The Department of Health and Human Services will release initial enrollment statistics for Obamacare sometime this week, perhaps as early as Tuesday. But the disputes have started already. Christopher Weaver and Louise Radnofsky of the Wall Street Journal are reporting that no more than 50,000 people successful enrolled in insurance plans via healthcare.gov last month. HHS officials refuse to confirm the figure and there's a whole separate dispute over the definition of "enrolled." (Does it count if somebody has chosen a plan but not paid the first premiums? The administration says yes and its critics say no. Sarah Kliff of the Washington Post has that story.)
I have no idea if the Journal's number is right. (Their reporting has been very good, so I'm not about to bet against them.) But nobody I know expects the October enrollment figures to be high. One reason is that very few people buy insurance at the beginning of open enrollment periods. This is true for public programs and this is true for government initiatives. By now, you may have seen the figures from Massachusetts. Just in case, here they are again, with the explanation I gave a few weeks ago:
Of the 36,167 people who eventually enrolled in premium-charging plans from Commonwealth Care, 123 signed up in the first month. That’s right—one hundred and twenty-three, or about 0.3 percent. Over the first two months, the number was a bit larger—2,289. But that’s still just 6.3 percent.The analogy to Obamacare is far from perfect, in that Commonwealth Care didn’t include wealthier people who didn't qualify for subsidies. (In the Massachusetts scheme, they essentially had a separate exchange—and enrollment there began half a year later.) Also, the Massachusetts open enrollment period was twice as long. So it’s reasonable to expect that, with a fully functional website, early enrollment in Obamacare private plans would be higher than those numbers above suggest. But the general point stands. Very few people sign up for insurance in the first few months. Most wait until much later in the game.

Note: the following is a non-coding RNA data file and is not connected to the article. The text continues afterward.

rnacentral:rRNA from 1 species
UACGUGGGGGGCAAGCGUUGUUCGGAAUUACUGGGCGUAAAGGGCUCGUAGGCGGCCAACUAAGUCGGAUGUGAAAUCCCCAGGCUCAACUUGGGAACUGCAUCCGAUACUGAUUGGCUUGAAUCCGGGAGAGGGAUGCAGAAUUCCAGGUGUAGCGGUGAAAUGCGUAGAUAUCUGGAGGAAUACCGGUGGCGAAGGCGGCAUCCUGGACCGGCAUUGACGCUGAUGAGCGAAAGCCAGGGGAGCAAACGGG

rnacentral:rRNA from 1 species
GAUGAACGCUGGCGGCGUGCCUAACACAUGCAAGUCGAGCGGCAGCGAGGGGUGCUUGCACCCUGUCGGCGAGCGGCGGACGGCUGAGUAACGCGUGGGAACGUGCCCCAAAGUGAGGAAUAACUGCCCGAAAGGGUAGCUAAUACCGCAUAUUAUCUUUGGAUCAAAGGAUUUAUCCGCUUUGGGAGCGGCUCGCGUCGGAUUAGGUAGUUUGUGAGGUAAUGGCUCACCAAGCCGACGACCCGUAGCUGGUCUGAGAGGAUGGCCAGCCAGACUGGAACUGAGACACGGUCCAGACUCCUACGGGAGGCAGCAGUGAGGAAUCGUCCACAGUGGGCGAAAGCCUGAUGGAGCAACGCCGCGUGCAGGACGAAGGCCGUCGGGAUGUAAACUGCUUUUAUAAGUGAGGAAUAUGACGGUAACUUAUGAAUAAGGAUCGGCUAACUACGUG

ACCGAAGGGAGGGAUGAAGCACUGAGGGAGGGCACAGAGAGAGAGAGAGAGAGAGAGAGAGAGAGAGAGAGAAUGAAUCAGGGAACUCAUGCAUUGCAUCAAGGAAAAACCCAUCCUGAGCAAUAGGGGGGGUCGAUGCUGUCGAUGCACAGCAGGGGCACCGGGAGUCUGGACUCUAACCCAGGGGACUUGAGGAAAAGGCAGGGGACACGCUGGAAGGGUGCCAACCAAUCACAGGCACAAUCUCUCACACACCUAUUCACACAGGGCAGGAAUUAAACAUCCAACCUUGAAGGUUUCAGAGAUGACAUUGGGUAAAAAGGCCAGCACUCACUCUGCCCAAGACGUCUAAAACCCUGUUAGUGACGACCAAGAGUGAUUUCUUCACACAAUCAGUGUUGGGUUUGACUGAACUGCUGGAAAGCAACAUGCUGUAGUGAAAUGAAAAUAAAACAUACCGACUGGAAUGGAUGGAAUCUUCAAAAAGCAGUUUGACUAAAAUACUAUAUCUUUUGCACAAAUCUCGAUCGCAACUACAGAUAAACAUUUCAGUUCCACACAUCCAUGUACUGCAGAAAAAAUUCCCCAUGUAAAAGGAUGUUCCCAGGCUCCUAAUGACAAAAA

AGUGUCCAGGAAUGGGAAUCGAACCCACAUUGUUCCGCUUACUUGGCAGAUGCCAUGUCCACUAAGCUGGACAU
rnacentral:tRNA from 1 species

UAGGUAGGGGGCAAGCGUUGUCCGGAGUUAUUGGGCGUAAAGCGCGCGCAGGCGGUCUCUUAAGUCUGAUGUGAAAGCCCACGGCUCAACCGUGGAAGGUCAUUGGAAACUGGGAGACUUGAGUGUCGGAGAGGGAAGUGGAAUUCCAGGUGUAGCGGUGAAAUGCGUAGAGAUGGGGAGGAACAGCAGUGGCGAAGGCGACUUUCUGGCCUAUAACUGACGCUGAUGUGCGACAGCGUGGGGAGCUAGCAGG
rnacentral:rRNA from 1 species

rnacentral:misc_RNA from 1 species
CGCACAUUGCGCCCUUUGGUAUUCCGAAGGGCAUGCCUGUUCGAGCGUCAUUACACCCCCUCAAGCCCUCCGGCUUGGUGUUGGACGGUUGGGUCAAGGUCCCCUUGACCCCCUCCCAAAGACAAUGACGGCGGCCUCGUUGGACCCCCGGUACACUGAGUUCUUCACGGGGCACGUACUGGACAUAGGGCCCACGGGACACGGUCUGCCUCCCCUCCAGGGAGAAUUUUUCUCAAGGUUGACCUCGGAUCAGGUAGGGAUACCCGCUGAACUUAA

But that’s not the whole story. Healthcare.gov barely worked at the start and still isn't working that well now. We know already that, on October 1, only six people enrolled in plans via healthcare.gov. Statistics for the rest of October probably don’t look great, either. States running their own marketplaces seem to be doing better, although, according to an unofficial tabulation from Avalere Health, those numbers are uneven and vary a lot from state to state.
In short, the October numbers were always going to be low. But, thanks to technology problems, they'll probably be even lower, although by how much is impossible to say.
Still, the Medicaid numbers will be a lot higher. That should count for something. As for private insurance, what was true before October is true now: The statistics that really matter are the ones in December and beyond. "Enrollment in new programs begins slowly and often takes several months to build momentum," Dan Mendelson, CEO of Avalere Health, said in a statement accompanying the release. "While initial enrollment has been lagging, with aggressive marketing there is still time for awareness of the program to grow and participation to begin."
So there's still time—just as long as healthcare.gov and the poorly functioning states are operating better by late November. And if they're not? Then the problems get a lot more serious.